Sosein: Active self-acceptance in midlife

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In light of the increase in life expectancy in the 20th century, a growing number of people are making significant midlife changes. This article tries to steer a way between two cultural myths about this life period. The first is that the only sane solution of the midlife crisis is acceptance of growing limitations. The second is the idea that, given drive and a vision, we are capable of boundless change. The alternative middle way proposed is called "active self-acceptance." It is based on Karl Jaspers's notion that we are all condemned to failure vis-à -vis boundary situations and that there is a Sosein (being thus and no other) that is recalcitrant to change. Jaspers's biography and an extended case example show that active self-acceptance is not passive resignation but initiation of a process of self-transformation in which lucid self-knowledge and acceptance are combined into a process that allows full self-development.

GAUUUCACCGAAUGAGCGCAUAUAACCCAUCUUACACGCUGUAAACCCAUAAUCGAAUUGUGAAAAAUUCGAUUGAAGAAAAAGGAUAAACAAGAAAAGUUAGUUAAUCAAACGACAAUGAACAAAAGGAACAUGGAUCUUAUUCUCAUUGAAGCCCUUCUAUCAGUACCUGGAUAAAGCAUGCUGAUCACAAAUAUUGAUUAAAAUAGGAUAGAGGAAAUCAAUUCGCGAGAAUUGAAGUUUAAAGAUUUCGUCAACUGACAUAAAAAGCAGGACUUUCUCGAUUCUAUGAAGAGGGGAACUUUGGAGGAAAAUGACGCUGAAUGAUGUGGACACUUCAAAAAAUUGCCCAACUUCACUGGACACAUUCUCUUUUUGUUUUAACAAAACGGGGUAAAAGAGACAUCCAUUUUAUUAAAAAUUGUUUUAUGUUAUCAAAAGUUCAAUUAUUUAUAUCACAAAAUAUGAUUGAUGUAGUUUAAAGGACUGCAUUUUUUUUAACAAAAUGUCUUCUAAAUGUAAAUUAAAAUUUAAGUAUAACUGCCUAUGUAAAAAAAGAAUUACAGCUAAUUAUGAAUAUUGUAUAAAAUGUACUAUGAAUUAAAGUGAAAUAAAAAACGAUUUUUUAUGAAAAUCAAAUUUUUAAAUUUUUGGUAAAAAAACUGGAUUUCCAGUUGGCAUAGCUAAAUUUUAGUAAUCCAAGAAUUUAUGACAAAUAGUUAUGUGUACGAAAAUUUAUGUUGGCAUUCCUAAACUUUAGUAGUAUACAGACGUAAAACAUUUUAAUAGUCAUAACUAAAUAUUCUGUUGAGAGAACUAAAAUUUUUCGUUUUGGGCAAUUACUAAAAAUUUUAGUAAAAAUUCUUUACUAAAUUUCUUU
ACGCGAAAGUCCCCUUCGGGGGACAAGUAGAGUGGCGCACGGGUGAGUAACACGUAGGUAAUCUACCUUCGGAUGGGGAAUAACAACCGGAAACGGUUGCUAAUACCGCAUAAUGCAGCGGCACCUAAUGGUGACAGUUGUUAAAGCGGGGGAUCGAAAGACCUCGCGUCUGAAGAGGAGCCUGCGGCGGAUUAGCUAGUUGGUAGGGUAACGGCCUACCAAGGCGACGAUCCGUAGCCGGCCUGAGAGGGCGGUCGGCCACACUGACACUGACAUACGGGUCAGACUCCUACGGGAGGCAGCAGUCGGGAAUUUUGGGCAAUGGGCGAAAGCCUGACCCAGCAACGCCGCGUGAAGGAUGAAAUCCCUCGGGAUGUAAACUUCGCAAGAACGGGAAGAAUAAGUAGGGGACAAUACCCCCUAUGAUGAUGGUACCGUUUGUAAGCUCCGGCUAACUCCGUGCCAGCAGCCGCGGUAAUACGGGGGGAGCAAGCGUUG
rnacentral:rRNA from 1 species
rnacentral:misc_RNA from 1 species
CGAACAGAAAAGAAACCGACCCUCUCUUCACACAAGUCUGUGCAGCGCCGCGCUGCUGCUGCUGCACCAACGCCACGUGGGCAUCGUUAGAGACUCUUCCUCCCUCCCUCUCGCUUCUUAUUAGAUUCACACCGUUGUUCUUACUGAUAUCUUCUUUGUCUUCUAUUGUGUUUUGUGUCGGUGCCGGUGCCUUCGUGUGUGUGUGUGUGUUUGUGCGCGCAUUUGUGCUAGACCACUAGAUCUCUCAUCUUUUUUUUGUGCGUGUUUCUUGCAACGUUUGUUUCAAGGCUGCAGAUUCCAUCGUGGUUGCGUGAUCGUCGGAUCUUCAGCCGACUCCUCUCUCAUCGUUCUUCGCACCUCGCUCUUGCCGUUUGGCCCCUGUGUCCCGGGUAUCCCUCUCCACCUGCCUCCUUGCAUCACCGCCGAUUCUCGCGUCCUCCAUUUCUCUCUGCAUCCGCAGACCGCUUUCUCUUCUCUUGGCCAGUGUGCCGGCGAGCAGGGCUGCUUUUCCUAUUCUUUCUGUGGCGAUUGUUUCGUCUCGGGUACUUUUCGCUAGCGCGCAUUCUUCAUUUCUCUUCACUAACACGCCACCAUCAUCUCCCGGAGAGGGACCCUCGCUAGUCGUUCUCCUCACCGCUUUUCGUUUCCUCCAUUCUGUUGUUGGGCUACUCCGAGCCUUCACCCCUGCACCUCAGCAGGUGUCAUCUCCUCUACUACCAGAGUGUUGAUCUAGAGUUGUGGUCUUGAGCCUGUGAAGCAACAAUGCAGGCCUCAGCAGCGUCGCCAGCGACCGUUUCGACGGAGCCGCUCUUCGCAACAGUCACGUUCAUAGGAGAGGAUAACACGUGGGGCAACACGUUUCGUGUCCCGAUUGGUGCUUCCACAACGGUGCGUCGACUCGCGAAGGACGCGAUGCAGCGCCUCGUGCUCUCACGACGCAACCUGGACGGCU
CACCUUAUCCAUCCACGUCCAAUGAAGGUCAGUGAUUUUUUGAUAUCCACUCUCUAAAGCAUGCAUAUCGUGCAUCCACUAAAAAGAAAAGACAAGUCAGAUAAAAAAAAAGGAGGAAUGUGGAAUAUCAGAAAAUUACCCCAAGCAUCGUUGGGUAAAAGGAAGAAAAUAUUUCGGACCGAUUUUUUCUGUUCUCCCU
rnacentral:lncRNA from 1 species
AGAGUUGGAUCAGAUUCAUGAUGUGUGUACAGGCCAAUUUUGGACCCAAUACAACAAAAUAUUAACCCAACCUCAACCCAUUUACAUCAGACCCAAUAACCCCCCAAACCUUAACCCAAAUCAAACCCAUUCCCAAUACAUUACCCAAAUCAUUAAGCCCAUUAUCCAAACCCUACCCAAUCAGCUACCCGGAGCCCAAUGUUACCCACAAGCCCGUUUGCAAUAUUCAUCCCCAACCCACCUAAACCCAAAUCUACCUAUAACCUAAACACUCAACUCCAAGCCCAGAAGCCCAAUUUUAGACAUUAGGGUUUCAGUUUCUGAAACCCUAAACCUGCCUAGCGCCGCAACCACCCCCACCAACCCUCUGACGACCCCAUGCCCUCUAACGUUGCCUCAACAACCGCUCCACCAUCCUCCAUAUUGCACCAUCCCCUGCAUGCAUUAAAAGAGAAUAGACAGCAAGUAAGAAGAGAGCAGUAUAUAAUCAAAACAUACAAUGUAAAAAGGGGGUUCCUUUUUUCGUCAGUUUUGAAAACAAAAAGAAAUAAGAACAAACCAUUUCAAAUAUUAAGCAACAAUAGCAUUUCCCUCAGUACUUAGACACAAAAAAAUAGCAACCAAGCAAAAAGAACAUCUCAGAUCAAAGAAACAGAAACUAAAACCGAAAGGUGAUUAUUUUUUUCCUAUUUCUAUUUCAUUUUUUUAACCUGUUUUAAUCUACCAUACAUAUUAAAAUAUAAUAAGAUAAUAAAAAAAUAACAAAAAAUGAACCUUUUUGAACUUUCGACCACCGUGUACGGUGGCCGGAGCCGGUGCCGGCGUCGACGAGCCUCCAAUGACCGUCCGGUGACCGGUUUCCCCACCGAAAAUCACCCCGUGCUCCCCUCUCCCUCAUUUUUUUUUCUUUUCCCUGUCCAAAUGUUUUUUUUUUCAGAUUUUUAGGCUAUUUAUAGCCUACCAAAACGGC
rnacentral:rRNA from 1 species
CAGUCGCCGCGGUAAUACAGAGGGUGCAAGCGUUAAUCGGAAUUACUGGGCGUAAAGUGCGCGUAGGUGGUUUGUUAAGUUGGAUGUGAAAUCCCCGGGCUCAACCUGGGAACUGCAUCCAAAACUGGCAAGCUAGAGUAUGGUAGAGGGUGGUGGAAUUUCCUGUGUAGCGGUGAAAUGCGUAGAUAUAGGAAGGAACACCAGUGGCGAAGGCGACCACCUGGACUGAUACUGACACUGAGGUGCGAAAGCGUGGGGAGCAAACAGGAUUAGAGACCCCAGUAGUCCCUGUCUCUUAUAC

Original languageEnglish
Pages (from-to)46-65
Number of pages20
JournalJournal of Humanistic Psychology
Issue number1
StatePublished - Jan 2009


  • Active self-acceptance
  • Karl Jaspers
  • Midlife
  • Sosein


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